Three years ago when Richard Aitken started managing Viridian Glass Nelson, he was quite shocked at how few people seemed to be coming to the glass industry looking for work let alone considering it as a vocation and yet those inside the industry know it’s such a great trade.
“So we set about displaying what we were doing as a business and that’s why we established what we call our Wall of Fame,” explains Richard. “It showcases Viridian as being part of Nelson’s work community and our sports community.”
As NZ General Manager for Viridian, Richard believes this had some fairly quick and positive spin-offs as people coming into the showroom to purchase glass are drawn to the stories and pictures on the wall and pass on a key message to friends and family looking for work ‘why don’t you try Viridian? It looks like a great place to work’.
Richard also says, “It’s such a good position to be in - when people come to your company asking to work there rather than you having to recruit.”
Both Richard and Jacqui Clayton, Installation Manager, agree that creating a positive company culture is the key to a motivating work environment, which helps them retain staff. So how do they create a great company culture so employees look forward to coming to work every day and want to stay? Jacqui and Richard seem to have found some key ingredients. Having a diversity of jobs, a mix of people to learn from and valuing staff seem to be at the top of the list.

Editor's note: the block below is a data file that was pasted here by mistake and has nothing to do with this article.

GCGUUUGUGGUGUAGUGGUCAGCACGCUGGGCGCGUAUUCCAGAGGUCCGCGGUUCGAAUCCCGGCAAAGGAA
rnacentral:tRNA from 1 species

Jacqui says, “Our guys like that they are multi-functional and can do different aspects of glazing. The apprentices, especially like the variety of work.”
Richard adds, "It’s all about doing some things that are different and having a little bit of fun. We try to encourage fun ways of learning, even the toolbox talks. We are big believers in encouraging participation in company sports groups for fun.”
There certainly is a family mentality here where staff are friends outside of work as well as in the workplace. There is recognition for employees for both work and personal achievements. Jacqui says, "It’s a case of the little things often - it’s the small rewards like morning tea cakes, celebrating birthdays and saying thank you …. and more cake! Money isn’t everything – a quality work and life balance appeals to people.”
Richard thinks the recent economic conditions have actually created a great environment for training apprentices, he says, “We are past them making the coffee and pushing a broom for the first year. Now they are expected to do real work straight away. Ultimately, it is of more value to the apprentice and they are more beneficial to the company – we need more of them!”
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